There's a line in Star Trek Generations – the 1994 big screen baton handover between the original series and Next Generation crews, and a film of which I'm fonder than I have any reasonable right to be – that's been resonating with me recently. It comes during the sequence in the extra-dimensional Nexus, when James T. Kirk is rebuffing Jean-Luc Picard's exhortations to join him in saving the world (well, a world) one last time. As he strides up the stairs in his beautiful Rocky Mountains log cabin towards his doubtless equally beautiful waiting wife, Kirk declares: "This time it's going to be different."
Of course, directly after that Kirk realises that the Nexus is a sham and joins Picard in his battle against planet-destroying El-Aurian nutcase Soran and winds up getting killed (spoiler alert!), but even so, that line has lodged in my mind since late last year, when I once again became editor of the official Star Trek Magazine.
I say 'once again' because it's not the first time I've been editor of Star Trek Magazine. I previously edited it for a couple of years in the early 2000s (when it was known as Star Trek Monthly and was a little slimmer than it is now, as well as being, as its title suggests, monthly, as opposed to the current bimonthly... ish), having quit a career as a music journalist in order to do so – much to the bemusement of more than one friend at the time, who couldn't comprehend why I'd abandon such a 'trendy' profession in order to go and edit a magazine about Star Trek.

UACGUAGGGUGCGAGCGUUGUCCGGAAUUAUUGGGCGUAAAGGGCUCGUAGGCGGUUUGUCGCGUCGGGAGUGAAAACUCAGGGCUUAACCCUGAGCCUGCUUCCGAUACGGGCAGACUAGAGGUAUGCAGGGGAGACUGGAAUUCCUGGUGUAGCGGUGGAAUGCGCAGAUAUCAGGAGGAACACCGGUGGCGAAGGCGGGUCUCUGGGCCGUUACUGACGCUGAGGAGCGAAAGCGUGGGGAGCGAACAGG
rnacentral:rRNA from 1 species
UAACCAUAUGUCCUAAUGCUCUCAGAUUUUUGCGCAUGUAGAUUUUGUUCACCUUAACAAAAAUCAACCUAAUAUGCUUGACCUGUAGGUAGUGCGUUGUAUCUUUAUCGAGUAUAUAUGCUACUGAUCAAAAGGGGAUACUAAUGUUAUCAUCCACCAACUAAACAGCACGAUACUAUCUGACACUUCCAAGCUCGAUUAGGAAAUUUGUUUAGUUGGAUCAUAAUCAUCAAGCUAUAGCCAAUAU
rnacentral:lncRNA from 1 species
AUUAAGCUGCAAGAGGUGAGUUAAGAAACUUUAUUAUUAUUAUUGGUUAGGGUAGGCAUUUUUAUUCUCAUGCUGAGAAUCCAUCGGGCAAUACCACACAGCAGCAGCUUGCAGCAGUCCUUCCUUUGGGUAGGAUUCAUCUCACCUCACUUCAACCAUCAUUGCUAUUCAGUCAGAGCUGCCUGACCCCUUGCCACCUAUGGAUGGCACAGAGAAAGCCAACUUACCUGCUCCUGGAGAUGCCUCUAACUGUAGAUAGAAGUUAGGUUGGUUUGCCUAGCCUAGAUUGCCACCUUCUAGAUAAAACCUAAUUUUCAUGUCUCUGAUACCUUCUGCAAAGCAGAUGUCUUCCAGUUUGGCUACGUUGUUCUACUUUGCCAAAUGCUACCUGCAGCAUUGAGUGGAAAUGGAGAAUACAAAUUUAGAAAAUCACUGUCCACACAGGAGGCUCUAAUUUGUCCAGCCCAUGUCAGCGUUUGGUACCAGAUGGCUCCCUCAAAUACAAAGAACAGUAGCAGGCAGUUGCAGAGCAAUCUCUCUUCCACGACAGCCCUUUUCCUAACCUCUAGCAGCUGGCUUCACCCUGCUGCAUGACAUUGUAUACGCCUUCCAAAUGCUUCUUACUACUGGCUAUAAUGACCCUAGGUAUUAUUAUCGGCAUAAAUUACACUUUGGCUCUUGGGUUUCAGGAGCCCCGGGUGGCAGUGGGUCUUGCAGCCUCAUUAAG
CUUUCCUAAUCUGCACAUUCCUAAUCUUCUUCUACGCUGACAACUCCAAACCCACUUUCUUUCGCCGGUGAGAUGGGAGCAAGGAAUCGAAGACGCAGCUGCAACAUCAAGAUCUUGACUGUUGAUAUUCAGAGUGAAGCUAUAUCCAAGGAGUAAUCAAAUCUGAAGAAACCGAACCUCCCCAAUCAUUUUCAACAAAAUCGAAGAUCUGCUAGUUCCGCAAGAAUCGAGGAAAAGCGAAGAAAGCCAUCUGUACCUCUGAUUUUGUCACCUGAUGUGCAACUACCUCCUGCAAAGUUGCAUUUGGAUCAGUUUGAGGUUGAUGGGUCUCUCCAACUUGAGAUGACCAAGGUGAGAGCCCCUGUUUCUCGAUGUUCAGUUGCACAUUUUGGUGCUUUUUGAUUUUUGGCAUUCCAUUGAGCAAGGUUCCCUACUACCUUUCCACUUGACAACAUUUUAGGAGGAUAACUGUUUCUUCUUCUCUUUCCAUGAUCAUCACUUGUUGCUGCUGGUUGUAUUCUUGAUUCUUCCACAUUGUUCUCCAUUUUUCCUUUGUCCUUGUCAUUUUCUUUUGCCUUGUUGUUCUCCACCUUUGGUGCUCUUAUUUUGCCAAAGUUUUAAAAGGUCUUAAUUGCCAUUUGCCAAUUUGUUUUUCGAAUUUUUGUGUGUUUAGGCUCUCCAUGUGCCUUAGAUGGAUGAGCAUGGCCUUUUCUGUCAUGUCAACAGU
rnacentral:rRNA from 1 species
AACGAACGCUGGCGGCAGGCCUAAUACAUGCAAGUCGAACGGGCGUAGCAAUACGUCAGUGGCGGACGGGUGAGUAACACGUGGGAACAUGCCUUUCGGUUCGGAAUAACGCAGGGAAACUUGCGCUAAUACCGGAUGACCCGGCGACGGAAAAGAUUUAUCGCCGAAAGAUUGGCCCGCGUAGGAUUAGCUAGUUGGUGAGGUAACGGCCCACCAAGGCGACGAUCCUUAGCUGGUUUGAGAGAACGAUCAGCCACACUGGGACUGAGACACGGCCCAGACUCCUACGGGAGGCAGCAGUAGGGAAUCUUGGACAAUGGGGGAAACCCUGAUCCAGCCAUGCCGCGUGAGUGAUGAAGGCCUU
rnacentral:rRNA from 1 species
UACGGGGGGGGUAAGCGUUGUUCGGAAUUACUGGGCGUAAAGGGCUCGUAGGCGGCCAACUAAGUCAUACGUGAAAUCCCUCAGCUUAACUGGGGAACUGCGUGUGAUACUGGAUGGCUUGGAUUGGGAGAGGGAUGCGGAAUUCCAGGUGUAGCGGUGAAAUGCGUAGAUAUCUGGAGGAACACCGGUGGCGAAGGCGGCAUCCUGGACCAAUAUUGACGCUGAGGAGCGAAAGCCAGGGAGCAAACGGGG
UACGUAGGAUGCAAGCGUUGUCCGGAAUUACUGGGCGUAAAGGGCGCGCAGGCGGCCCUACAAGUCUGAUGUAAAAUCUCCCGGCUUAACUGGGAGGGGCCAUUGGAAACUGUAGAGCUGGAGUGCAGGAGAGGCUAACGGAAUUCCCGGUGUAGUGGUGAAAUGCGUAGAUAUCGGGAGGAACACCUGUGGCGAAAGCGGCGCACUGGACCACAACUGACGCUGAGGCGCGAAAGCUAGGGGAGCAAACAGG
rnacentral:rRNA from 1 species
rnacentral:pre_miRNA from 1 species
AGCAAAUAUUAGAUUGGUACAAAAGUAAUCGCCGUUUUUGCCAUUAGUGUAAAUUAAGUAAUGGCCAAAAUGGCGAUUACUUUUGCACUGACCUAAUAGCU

And maybe they had a point. Looking back, I spent much of that 25-issue stint in charge of the magazine bending it into shapes that perhaps better suited me and my background – a music special, funny captions, endless best-ofs – than the mag itself – and always with an eye to other opportunities at Titan, the publisher of Star Trek Magazine. (To my credit, that last one did work out: I subsequently got to run the Titan graphic novels dept for five years.)
So this time I think maybe it will be different. This time, and coinciding with my reignited fervour for science fiction and space opera, I'm much more interested in Star Trek itself; in digging into how it is (and was) written, produced, filmed – how it's made; how it works – as well as chronicling its latest incarnation, Star Trek: Discovery. In fact, what with Discovery – the first season of which I loved – and the Abrams/Kelvinverse films – the first two of which I loved... and the third of which I actually didn't mind – right now I'm probably more into Trek than at any time since the heyday of Deep Space Nine 20 years ago, and possibly even since TNG was first on telly.
My first issue back in the captain's chair, #66 (March/April 2018), came out earlier this year, and my second, #67 (Summer 2018), is out in the US now and in the UK in a few weeks; I'm pretty pleased with how that one in particular – a DS9 anniversary issue which delves into how that show's first season came together 25 years ago (plus some Discovery stuff, including an interview I did with Wilson Cruz) – has turned out. Whether or not I can extend my prior two-year tenure as editor into a five-year mission – or even an ongoing one – remains to be seen, but I've plenty of plans for the main magazine and its various spin-off specials (including a Discovery one later this year; more on that anon).
As Captain Kirk says to Captain Picard in Generations: "Don't let them promote you... don't let them transfer you... don't let them do anything that takes you off the bridge of that ship, because while you're there... you can make a difference."
The covers illustrating this post are by Star Trek Magazine's regular designer, the supremely talented Commander Martin Stiff from Amazing15.